Women Who Changed History

This month is National Women's History Month, and of course, because Her Campus is aimed at women, I think it's important that we talk about some important women who changed our world to be what it is today. 

  1. 1. Margaret Sanger

    Margaret Sanger, a birth control activist, sex educator, and nurse, is one of the reasons why birth control is more accessible now than it was before. Because she was born in a time where birth control was not widely accepted, Sanger often got into legal trouble for helping women who needed it to control family sizes, especially in poor immigrant households. Contrary to the beliefs then, she believed women had a right to choose what they do with their body, and that women are entitled to sexual pleasure without having to have a child after. Today, she is known to have started some of the organizations that led to Planned Parenthood being developed! 

  2. 2. Henrietta Lacks 

    Henrietta Lacks made one of the largest contributions to modern medicine, without even knowing it. Lacks developed cervical cancer after giving birth to her fifth child, and because hospitals were still segregated, it was harder for her to find somewhere to be treated. When she had a tissue sample taken, it was sent away to be tested without her knowledge. They found that her cells, now known as HeLa cells, can grow indefinitely. This helped create major advances in cancer research and medicine.Yet, this case is bittersweet. Because of Lacks, we do know more about cancer cells, yet it is one of the bigger medical controversies I have heard about. Still, Henrietta should go down in history as being one of the most important women in cancer cell research.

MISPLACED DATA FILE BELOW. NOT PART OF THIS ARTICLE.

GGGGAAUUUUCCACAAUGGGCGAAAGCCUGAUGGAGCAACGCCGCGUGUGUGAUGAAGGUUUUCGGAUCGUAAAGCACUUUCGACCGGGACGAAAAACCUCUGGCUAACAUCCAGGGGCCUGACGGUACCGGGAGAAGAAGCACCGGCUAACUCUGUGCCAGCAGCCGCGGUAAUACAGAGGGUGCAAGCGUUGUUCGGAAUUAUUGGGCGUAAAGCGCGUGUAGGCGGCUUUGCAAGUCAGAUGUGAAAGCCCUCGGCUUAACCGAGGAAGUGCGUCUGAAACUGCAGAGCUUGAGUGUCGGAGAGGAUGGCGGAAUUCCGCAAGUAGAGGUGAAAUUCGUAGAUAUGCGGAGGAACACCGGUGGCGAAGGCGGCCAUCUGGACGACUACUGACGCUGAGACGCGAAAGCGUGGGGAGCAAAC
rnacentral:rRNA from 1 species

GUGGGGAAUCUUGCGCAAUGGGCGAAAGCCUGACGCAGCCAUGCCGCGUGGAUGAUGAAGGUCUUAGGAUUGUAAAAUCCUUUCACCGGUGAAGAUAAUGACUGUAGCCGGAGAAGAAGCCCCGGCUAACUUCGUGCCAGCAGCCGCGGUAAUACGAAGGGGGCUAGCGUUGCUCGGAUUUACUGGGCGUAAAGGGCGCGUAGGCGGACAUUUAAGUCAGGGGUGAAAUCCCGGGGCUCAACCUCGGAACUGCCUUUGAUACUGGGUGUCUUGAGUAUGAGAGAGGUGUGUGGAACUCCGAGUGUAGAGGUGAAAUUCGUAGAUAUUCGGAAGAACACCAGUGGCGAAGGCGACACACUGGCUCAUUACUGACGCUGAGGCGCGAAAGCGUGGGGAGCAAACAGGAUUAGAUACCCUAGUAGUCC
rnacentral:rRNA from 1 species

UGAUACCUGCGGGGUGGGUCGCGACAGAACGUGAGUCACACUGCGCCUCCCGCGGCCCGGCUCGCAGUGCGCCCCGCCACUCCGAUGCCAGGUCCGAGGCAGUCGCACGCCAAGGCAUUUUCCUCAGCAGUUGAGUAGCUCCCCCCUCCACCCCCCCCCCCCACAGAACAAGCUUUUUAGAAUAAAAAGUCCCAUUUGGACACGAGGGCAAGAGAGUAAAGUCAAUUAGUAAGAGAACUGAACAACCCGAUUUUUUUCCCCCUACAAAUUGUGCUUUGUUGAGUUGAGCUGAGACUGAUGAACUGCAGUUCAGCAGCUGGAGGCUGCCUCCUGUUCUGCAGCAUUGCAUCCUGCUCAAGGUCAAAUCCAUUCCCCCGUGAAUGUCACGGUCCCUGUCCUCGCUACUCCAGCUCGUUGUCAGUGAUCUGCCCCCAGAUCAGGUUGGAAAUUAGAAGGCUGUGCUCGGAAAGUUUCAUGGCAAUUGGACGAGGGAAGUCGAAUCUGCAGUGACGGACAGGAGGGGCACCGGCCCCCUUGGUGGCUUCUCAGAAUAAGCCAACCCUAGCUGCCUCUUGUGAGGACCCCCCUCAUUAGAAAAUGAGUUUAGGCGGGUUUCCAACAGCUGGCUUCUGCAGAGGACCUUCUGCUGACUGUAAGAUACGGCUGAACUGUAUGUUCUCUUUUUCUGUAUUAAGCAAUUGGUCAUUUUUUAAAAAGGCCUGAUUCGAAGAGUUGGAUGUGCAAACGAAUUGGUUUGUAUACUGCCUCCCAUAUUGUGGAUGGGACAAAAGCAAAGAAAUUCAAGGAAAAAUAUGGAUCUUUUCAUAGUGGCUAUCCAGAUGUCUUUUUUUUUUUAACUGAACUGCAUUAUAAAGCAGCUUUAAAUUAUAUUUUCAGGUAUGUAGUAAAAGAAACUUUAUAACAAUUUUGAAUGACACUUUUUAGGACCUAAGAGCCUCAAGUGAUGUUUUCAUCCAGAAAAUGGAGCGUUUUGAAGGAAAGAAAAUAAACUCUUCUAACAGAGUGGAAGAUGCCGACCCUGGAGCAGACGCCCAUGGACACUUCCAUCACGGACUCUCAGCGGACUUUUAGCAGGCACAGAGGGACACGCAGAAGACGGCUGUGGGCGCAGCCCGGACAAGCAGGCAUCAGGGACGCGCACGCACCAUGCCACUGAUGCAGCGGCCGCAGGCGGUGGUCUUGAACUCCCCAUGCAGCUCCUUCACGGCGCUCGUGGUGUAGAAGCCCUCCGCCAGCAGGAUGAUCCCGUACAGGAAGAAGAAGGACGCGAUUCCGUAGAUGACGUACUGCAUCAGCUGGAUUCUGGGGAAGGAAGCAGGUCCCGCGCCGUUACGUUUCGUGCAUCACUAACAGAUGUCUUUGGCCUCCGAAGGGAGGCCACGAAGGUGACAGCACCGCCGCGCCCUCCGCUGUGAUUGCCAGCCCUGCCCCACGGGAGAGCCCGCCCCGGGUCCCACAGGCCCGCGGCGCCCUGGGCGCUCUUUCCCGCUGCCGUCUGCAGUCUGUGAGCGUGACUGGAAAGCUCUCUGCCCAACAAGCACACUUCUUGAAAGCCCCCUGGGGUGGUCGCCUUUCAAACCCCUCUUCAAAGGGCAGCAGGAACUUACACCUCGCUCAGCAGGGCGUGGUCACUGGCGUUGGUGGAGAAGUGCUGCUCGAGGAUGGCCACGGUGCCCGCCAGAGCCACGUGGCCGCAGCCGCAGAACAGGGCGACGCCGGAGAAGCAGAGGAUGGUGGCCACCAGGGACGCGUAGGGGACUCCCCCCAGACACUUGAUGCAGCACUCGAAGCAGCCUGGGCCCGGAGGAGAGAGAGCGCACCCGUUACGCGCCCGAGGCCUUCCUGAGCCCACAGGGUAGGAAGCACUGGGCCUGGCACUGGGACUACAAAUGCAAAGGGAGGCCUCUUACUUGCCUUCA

3. 3. Marsha P. Johnson

    Marsha P. Johnson is a transgender woman credited with throwing the first brick at stonewall, which ultimately paved the way for LGBTQ+ rights in America. When police hauled out employees and patrons of the Stonewall Inn, a gay club in New York City, a massive riot occured where people of all different backgrounds protested outside of the bulding. After the rioters encouraged one another to start throwing things, it is said that Marsha P. Johnson threw the first brick. While this didn't spark the beginning of the LGBTQ+ rights movement, it did lead to an increase in activism in the community. 

  4. 4. Rosie the Riveter 

    Of course, Rosie had to be on this list. Rosie the Riveter, inspired by Naomi Parker Fraley, is a feminist icon that was created in World War II, which encouraged women to step up and take over their husbands' work while they were fighting in the war. After the war was over, women were encouraged to go back to their domestic lives but some women did not want to go back to household work. Rosie, although just a political propoganda figure, helped pave the way for women to be able to get jobs outside of the home in later years. 

  5. 5. Frida Kahlo

    Frida Kahlo was an extremely popular artist in Mexico, who mainly painted portraits. However, she was more than just an artist. She was a political activist for women's rights, and is still a powerful inspiration in Mexico, in people with disabilities, and LGBTQ+ people. After Kahlo was in a terrible accident, she took up painting to pass the time, and after hours and hours of painting, she beame one of the most famous artists in the world. She was a feminist and integrated that, as well as other social commentary, into her artwork.